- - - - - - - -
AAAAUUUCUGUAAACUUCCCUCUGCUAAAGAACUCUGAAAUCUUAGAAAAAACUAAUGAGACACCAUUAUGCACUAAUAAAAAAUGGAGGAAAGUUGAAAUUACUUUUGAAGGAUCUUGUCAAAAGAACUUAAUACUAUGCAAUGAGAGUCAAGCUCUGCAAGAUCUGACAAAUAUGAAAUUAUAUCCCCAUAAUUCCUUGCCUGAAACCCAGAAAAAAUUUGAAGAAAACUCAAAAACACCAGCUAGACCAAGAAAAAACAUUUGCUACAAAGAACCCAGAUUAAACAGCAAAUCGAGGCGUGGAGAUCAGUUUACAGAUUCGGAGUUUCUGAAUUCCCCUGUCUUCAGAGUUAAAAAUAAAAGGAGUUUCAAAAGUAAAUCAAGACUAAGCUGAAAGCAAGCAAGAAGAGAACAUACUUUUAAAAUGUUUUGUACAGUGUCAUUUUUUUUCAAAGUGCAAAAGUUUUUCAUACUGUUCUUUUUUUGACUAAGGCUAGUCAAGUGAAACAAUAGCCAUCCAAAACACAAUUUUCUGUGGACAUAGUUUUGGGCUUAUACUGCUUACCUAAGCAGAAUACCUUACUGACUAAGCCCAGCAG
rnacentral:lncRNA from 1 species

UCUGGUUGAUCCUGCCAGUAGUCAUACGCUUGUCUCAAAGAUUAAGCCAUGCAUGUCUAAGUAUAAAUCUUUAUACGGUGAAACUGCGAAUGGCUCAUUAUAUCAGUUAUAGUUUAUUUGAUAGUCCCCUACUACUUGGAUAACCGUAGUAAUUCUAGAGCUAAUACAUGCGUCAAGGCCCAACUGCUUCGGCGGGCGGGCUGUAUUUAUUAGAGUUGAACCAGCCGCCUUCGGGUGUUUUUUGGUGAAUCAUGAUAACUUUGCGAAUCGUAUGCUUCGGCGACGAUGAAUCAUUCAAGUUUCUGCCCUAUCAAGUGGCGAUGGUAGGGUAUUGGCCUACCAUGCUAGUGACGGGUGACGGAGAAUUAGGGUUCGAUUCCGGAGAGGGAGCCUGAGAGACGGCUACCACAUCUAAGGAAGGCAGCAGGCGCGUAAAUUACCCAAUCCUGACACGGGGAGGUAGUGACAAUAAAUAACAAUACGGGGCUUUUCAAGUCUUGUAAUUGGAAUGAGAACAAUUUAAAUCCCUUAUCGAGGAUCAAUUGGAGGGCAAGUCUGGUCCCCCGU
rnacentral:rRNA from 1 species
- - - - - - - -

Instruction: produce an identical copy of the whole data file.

AAAAUUUCUGUAAACUUCCCUCUGCUAAAGAACUCUGAAAUCUUAGAAAAAACUAAUGAGACACCAUUAUGCACUAAUAAAAAAUGGAGGAAAGUUGAAAUUACUUUUGAAGGAUCUUGUCAAAAGAACUUAAUACUAUGCAAUGAGAGUCAAGCUCUGCAAGAUCUGACAAAUAUGAAAUUAUAUCCCCAUAAUUCCUUGCCUGAAACCCAGAAAAAAUUUGAAGAAAACUCAAAAACACCAGCUAGACCAAGAAAAAACAUUUGCUACAAAGAACCCAGAUUAAACAGCAAAUCGAGGCGUGGAGAUCAGUUUACAGAUUCGGAGUUUCUGAAUUCCCCUGUCUUCAGAGUUAAAAAUAAAAGGAGUUUCAAAAGUAAAUCAAGACUAAGCUGAAAGCAAGCAAGAAGAGAACAUACUUUUAAAAUGUUUUGUACAGUGUCAUUUUUUUUCAAAGUGCAAAAGUUUUUCAUACUGUUCUUUUUUUGACUAAGGCUAGUCAAGUGAAACAAUAGCCAUCCAAAACACAAUUUUCUGUGGACAUAGUUUUGGGCUUAUACUGCUUACCUAAGCAGAAUACCUUACUGACUAAGCCCAGCAG
rnacentral:lncRNA from 1 species

UCUGGUUGAUCCUGCCAGUAGUCAUACGCUUGUCUCAAAGAUUAAGCCAUGCAUGUCUAAGUAUAAAUCUUUAUACGGUGAAACUGCGAAUGGCUCAUUAUAUCAGUUAUAGUUUAUUUGAUAGUCCCCUACUACUUGGAUAACCGUAGUAAUUCUAGAGCUAAUACAUGCGUCAAGGCCCAACUGCUUCGGCGGGCGGGCUGUAUUUAUUAGAGUUGAACCAGCCGCCUUCGGGUGUUUUUUGGUGAAUCAUGAUAACUUUGCGAAUCGUAUGCUUCGGCGACGAUGAAUCAUUCAAGUUUCUGCCCUAUCAAGUGGCGAUGGUAGGGUAUUGGCCUACCAUGCUAGUGACGGGUGACGGAGAAUUAGGGUUCGAUUCCGGAGAGGGAGCCUGAGAGACGGCUACCACAUCUAAGGAAGGCAGCAGGCGCGUAAAUUACCCAAUCCUGACACGGGGAGGUAGUGACAAUAAAUAACAAUACGGGGCUUUUCAAGUCUUGUAAUUGGAAUGAGAACAAUUUAAAUCCCUUAUCGAGGAUCAAUUGGAGGGCAAGUCUGGUCCCCCGU
rnacentral:rRNA from 1 species